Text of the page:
Hi, I saw your post, and wanted to let you know that I started with low loft polyester batting the I use spray with. When I tape the backing to the table, I cut the size of batting I need, and fold it in half, bottom to top, I put it on the top half of the backing, and spray the backing, bottom half, then I spray the batting and unfold it slowly onto the backing, straightening as I go, until it is secured. I then go to the top part of the quilt and do the same thing. As for the top, I again fold the top, and lay it on the top part of the batting, then I spray the batting bottom side, and also spray the bottom side of the top, I then bring the top to the bottom slowly, straightening as I go. then do the same thing to the top of the quilt. When you are done with that take a look at it and see if there are any wrinkles, If so, you can always pull the fabric back and reposition it, on both sides. I also pin the edges just to secure it. I’ve done this on baby and lap size quilts, and have not had a problem yet.

  32. Ana Maria says:

    I totally agree with you. I’ve had hard times quilting on my Elna domestic machine. Here in Spain only recently have we had cotton batting, and all my quilting used to be no more than straight, in the ditch, lines. And even that would get puckered, no matter how much 505 I sprayed, how many pins I put, or how much thread basting I did. I tried them all. I also did Ann Petersen’s course on quilting big projects on a domestic machine. After a lot of trying and asking, I finally got to the conclusion that I was not doing anything wrong. Only the batting. And I chamged to 80/20 cotton/ poly. And my quilting life changed… And I have never looked back… I can now do some decent quilting, with fairly good results.
    Thanks for sharing your thoughts and experiences!

  33. julie says:

    That was some serious determination to pick all that out! I don’t care for polyester batting either…I tend to gravitate to the warm and natural and have tried some organic cotton. Thanks for sharing your experience!

  34. ipatchandquilt says:

    You unpicked it? Amazing!!! Thank you for letting us know about the trouble you had with this batting on the DSM. I always use the hobbs 80/20 batting. It was the only one i could get a hold of that was on a big roll. All the others are in “precut” packages for king or queen size beds. I prefer the roll, so I can cut off what I need without much “Frankensteining” the leftover pieces.
    I hope your Monday starts with a wonderful Sun up like over here. The sky is all pretty in pink!
    esthersipatchandquilt at yahoo com
    ipatchandquilt dot wordpress dot com

  35. Christine says:

    Oh no! I would be in tears too! I haven’t tried anything except for Warm & Natural. I haven’t tried the Quilters Dream Orient batting yet. I saw it recommended on The MQG forum, but wasn’t having much luck finding where to buy it online. I am only now realizing I didn’t even try looking on Amazon yet… And Amazon has just about everything! LOL Thank you for sharing this. I’m sorry you had the experience, but thankful that you shared it so we could learn from it.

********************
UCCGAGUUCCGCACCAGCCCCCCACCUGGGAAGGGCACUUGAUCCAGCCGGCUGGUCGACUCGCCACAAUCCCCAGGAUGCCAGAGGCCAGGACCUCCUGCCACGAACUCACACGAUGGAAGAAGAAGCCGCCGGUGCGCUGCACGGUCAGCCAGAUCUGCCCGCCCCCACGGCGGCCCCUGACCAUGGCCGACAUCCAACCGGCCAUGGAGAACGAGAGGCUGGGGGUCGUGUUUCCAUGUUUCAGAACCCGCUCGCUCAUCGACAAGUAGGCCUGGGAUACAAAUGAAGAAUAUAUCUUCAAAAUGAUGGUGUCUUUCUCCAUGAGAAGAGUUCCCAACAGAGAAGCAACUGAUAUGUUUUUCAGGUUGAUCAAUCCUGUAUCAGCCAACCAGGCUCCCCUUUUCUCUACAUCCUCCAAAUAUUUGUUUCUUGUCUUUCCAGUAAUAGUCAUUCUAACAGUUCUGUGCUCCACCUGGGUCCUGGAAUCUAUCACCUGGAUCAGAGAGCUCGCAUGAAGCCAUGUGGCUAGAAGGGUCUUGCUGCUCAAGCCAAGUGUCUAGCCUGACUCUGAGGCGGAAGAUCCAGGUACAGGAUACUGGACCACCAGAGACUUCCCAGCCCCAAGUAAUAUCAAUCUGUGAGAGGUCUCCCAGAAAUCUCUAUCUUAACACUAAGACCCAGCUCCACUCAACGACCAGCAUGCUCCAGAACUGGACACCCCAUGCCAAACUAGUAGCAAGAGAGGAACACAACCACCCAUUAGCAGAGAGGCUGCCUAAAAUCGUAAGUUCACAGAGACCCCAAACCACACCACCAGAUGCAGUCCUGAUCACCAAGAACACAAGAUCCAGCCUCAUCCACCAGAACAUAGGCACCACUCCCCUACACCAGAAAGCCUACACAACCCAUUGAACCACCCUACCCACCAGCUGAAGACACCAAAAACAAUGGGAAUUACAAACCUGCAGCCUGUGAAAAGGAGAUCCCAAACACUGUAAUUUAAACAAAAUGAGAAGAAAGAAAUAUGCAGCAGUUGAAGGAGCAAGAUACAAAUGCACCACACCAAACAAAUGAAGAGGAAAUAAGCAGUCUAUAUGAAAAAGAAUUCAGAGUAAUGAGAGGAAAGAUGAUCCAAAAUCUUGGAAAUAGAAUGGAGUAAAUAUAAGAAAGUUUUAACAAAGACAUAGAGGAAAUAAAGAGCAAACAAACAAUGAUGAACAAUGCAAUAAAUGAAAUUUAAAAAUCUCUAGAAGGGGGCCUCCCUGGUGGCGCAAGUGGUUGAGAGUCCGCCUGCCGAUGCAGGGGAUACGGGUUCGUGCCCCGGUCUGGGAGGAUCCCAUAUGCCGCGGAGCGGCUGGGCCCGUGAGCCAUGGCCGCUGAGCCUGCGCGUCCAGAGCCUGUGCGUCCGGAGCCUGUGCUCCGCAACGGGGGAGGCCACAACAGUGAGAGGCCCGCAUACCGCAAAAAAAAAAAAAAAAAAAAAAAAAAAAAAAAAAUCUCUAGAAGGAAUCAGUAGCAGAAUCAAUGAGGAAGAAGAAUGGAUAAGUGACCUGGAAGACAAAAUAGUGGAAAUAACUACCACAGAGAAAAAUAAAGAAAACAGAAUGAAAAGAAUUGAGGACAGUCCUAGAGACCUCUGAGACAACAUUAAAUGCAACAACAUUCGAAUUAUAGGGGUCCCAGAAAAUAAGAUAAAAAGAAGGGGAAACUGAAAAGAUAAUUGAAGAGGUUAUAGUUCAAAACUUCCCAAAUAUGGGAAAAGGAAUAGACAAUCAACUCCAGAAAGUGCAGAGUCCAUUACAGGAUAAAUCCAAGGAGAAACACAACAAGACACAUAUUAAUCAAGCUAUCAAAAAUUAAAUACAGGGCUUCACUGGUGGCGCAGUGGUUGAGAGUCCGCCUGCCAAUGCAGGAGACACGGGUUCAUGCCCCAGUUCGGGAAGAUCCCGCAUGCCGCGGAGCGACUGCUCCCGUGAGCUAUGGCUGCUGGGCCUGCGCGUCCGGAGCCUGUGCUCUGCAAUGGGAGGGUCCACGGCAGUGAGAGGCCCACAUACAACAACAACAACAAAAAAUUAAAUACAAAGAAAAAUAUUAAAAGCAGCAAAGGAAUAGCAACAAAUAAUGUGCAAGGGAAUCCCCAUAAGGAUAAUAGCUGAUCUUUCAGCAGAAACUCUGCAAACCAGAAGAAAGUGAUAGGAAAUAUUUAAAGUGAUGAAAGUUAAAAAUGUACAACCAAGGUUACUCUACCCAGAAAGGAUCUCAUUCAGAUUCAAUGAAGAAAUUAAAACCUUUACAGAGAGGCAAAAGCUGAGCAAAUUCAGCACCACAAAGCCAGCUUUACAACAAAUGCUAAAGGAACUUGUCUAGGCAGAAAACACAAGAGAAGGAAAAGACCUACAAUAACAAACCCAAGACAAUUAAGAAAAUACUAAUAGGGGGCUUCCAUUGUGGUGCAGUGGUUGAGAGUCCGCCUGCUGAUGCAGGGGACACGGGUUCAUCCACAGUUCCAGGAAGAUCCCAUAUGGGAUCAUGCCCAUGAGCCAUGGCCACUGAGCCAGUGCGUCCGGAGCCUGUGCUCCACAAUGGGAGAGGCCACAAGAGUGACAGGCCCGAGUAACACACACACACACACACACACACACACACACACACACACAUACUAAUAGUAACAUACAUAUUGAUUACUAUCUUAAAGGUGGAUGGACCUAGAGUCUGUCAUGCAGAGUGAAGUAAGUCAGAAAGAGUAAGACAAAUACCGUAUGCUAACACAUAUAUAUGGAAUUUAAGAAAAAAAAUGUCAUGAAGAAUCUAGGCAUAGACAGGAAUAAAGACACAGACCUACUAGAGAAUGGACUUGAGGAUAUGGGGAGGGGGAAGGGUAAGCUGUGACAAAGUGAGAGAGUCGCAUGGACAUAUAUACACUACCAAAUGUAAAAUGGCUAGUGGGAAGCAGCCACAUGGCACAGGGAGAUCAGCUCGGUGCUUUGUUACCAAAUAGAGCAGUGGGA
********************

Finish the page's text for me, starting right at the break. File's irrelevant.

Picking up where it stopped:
• Carole Hill says:

      Hi Christine, take a look at the quilters dream batting on, they have a few odd sizes, that I can’t find anywhere else, in addition to the regular sizes, and the prices are really good. Hope this helps. I love quilters dream batting.

      • Christine says:

        Oh, thank you Carole! I have had no issues with Warm & Natural, but would actually love to try something different… Just to experiment. I’ll look at tonight!

  36. Tabitha Keener says:

    I’m glad you posted this, I’ve been having huge problems quilting and I thought it was my extreme inexperience. Well, I know part of it is, but now I know, it’s that inexpensive polyester batting I got. I will try later with cotton. I haven’t been brave enough to pick it out, and I’ve been telling anyone who gets that my quilting stinks and I’m learning. Thanks for this.

    • Carole Hill says:

      Hi Tabitha, don’t give up, I went through all of this stuff, and found that If I have squares in the quilt, start a meander on one corner, and quilt to the opposite end of the square, ending in the corner. If you do that you can go from one corner to the other, and it let’s you do a little at a time. If you don’t do squares, just start at one point and go out to the sides, then you can come back from that point to the middle and go out to the sides again, and continue until you end up in the middle. Turn your quilt around and you can start from the top and work your way down to the bottom by going back and forth, left to right in sections, until you get to the bottom again. It took me awhile to learn this but it is an easier way to learn how to make good stitches. You will be surprised how at the end you will want to try new stitches. Take a class at and they have a class by Angela Walters, called dot to dot quilting. I really like this method also. It’s been helpful.

  37. Christine Sherman says:

    Oh dear, now you have me worried. I bought some of the polyester batting from the Warm company for a vintage sheet quilt. I wanted the comfy fluff but have not tried polyester yet. Oh well, its for me, so it will be a good time for testing ๐Ÿ™‚

  38. Debi Bielawski says:

    Strong determined and skilled Christa you Rock! I would not have been brave enough to take out all of that work but results speak for themselves ..Go Girl.

  39. Liz F. says:

    Thanks for the information about polyester batting. I want to start quilting some of my smaller quilts on my machine and wasn’t sure what to use. I now know what not to use. Thanks!